Duterte and a resur­gent Philip­pines

Manila Bulletin - - Views • Features - By GETSY TIGLAO

AF­TER its suc­cess­ful host­ing of the 31st As­so­ci­a­tion of South­east Asian Na­tions (ASEAN) Sum­mit, and the other pro­duc­tive meet­ings that were held si­mul­ta­ne­ous to this, the Philip­pines af­firmed that it is once again a ma­jor player in the world stage.

Filipinos all over the world should be proud that our coun­try, still de­vel­op­ing and with its own bud­get con­straints, was able to or­ga­nize and mount such an im­por­tant in­ter­na­tional event which highlights the friend­ship and co­op­er­a­tion among the 10 mem­ber na­tions of the ASEAN, as well as its di­a­logue-part­ners that in­clude the US, China, Rus­sia, Ja­pan, In­dia, Aus­tralia, and the United Na­tions.

Apart from the ASEAN meet­ings, the bi­lat­eral meet­ings on the side­lines be­tween the Philip­pines and other key coun­tries would have a pos­i­tive im­pact on our trade and in­vest­ments. Pres­i­dent Ro­drigo Duterte held bi­lat­eral meet­ings with US Pres­i­dent Don­ald Trump, Rus­sian Prime Min­is­ter Dmitry Medvedev, Ja­panese Prime Min­is­ter Shinzo Abe, South Korean Pres­i­dent Moon Jae-in, as well as In­dia and Brunei.

The in­de­pen­dent for­eign pol­icy of Pres­i­dent Duterte is work­ing to our ad­van­tage. Whereas the pre­vi­ous Aquino ad­min­is­tra­tion was so pro-Amer­i­can, Pres­i­dent Duterte has in­stead sought a bal­ance amid the com­pet­ing in­ter­ests of its tra­di­tional al­lies, such as the US and Ja­pan, and its new friends and the emerg­ing su­per­pow­ers, China and Rus­sia.

With his strong pro­nounce­ments – cuss words and all – Duterte has shown he is no pushover and that he will fight for the Philip­pines’ best in­ter­ests. Filipinos be­lieve him be­cause they see the progress un­der his lead­er­ship – the fall in the crime rate, es­pe­cially in­dex crimes; the on­go­ing in­fra­struc­ture build-up, such as the new roads, rail­ways, and sub­way; the mil­i­tary suc­cess in elim­i­nat­ing the Is­lamic State threat in Marawi; and the boom­ing econ­omy, with the Gross Do­mes­tic Prod­uct (GDP) growth for this year fore­cast at 6.5 per­cent, on par with China’s growth.

The Duterte ad­min­is­tra­tion de­serves all the ac­co­lade it is get­ting now from the world lead­ers and other par­tic­i­pants in the meet­ings, for show­cas­ing our renowned Filipino hos­pi­tal­ity. Filipinos liv­ing here are eye­wit­ness to this suc­cess­ful event, staged with much pro­fes­sion­al­ism and “joie de vivre” such that even the con­fu­sion over the awk­ward ASEAN hand­shake was re­ceived lo­cally with much hu­mor.

But Filipinos who read only bi­ased Western me­dia such as the New York Times, the Guardian News­pa­per, or Daily Mail, or lis­ten only to CNN or BBC, will not get all these pos­i­tive and heart­en­ing news. What they will get in­stead are twisted re­ports that will be spun by the pub­lic re­la­tions op­er­a­tors in the ser­vice of their an­tiDuterte clients.

These bi­ased Western me­dia, for in­stance, have high­lighted the an­tiTrump and anti-Duterte rally that was con­ducted by a small num­ber of ur­ban com­mu­nists dur­ing the ASEAN Sum­mit. These left­ists be­long to fringe groups which con­tinue to sur­vive only due to over­seas fi­nanc­ing, some re­port­edly be­ing given by so­cial­ist and com­mu­nist groups in coun­tries that be­long to the Euro­pean Union.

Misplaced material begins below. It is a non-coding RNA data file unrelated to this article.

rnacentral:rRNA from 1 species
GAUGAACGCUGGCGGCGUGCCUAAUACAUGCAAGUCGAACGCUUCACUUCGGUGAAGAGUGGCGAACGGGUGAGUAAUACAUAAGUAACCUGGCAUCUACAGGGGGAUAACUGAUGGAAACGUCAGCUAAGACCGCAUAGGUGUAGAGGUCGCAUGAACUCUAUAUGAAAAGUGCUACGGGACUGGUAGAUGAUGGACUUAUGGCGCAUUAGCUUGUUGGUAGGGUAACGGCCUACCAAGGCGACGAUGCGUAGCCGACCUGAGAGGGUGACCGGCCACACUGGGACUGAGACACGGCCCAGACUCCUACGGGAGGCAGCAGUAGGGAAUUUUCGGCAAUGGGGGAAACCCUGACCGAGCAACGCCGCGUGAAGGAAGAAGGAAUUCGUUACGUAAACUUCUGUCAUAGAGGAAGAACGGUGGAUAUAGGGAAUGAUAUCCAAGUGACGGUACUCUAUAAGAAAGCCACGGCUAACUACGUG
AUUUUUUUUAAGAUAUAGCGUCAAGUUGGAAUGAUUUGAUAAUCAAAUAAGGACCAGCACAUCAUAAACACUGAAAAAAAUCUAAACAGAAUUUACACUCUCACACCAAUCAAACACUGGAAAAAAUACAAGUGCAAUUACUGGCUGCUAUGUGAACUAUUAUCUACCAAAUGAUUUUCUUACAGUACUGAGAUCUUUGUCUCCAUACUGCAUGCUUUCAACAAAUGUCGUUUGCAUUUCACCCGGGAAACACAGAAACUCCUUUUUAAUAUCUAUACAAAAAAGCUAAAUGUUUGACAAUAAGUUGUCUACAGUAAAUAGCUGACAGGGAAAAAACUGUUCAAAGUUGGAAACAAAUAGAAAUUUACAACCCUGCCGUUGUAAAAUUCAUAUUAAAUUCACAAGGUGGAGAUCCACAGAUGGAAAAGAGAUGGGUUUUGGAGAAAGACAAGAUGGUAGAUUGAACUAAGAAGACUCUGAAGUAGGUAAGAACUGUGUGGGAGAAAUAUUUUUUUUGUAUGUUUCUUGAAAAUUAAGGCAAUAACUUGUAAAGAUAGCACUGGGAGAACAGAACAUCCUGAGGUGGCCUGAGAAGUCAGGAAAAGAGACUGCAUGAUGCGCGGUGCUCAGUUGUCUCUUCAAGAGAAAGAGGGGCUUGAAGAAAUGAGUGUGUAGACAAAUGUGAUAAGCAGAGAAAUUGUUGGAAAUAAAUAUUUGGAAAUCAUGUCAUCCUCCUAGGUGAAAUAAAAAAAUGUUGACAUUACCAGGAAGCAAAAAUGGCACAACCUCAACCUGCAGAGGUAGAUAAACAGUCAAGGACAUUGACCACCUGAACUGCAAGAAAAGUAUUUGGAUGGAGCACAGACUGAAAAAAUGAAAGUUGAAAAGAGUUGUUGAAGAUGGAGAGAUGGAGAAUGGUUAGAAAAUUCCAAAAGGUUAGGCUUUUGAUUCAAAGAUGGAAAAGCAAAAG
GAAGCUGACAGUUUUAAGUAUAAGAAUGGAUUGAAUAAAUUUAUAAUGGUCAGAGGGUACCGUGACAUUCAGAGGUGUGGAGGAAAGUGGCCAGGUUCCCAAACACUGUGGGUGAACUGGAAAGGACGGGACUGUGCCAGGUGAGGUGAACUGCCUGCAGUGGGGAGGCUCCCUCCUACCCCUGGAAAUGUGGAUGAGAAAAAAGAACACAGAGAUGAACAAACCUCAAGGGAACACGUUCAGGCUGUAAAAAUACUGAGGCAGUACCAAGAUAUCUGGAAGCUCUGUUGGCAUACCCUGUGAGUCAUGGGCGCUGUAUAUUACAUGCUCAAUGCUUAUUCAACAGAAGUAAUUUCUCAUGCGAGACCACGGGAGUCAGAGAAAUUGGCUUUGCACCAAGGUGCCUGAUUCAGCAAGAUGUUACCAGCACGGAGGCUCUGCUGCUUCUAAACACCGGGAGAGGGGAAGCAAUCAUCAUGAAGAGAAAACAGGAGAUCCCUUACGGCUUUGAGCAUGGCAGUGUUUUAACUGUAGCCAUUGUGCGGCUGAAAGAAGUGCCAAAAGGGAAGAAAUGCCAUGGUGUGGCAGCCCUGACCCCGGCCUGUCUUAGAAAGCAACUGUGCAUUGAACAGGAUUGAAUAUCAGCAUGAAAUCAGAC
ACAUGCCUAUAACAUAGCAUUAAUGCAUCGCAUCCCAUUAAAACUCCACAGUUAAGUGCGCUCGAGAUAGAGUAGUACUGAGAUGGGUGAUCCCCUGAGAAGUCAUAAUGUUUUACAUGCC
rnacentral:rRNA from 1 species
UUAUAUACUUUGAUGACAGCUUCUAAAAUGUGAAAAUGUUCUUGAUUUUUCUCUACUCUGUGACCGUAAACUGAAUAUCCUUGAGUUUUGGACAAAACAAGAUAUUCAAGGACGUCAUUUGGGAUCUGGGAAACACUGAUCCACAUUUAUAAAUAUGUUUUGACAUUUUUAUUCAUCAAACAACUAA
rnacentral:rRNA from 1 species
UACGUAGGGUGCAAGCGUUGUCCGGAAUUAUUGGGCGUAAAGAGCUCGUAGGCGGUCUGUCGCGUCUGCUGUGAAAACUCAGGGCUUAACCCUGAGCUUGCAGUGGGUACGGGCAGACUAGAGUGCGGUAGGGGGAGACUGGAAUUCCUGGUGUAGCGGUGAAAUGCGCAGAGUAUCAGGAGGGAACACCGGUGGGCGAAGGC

The fact that they are be­ing al­lowed to stage ral­lies and ha­rass and taunt the po­lice­men guard­ing the ASEAN events is proof that the Philip­pines – de­spite crit­i­cisms from Euro­pean and Amer­i­can po­lit­i­cal per­son­al­i­ties – is very much a democ­racy, cer­tainly not an “au­thor­i­tar­ian state” de­feated Democ­rac­tic can­di­date Bernie San­ders claimed our gov­ern­ment is. If this was any other coun­try in Asia these com­mu­nists would have been jailed im­me­di­ately or not al­lowed to stage their ral­lies in the first place. At the very least, the Philippine gov­ern­ment should re­quire them to clean up all the garbage that they leave be­hind in the streets.

I pity Filipinos abroad who still love their coun­try but are only get­ting to read bi­ased re­ports such as the ones liken­ing Duterte to Hitler or de­scrib­ing him as a mass mur­derer. My fel­low Filipinos es­pe­cially those liv­ing abroad and have no ac­cess to first-hand news, please note: No, there are no state-sanc­tioned killings. No, there are no sev­eral thou­sands in “ex­tra­ju­di­cial” corpses in the streets. No, we have not shifted al­le­giances, the ma­jor­ity of Filipinos are still proDuterte.

There was one ab­surd tweet, re­port­edly from Amnesty In­ter­na­tional’s Philippine agents that said that there were 13 mil­lion deaths in the Philip­pines. Se­ri­ously? That num­ber is more than the pop­u­la­tion of Metro Manila. Last time I checked, Metro Mani­lans and other Filipinos were still very much alive, out in droves in the streets and malls, very busy in the run-up to the hec­tic Christ­mas sea­son, Filipino-style with lots of gift­giv­ing and par­ties.

There was an­other com­i­cal re­port say­ing that Trump “or­dered” Duterte to sing at the ASEAN Sum­mit. The truth is that it was joke, the kind Filipinos make in karaoke events when they pre­tend that they don’t like to sing, but are just raring to do so. The Duterte joke was that he didn’t want to sing but has to, as the US com­man­der-in-chief or­dered him to. Get it?

Un­like Western na­tions and their hu­mor­less me­dia, Filipinos love jokes and singing, and we “get” our Pres­i­dent.

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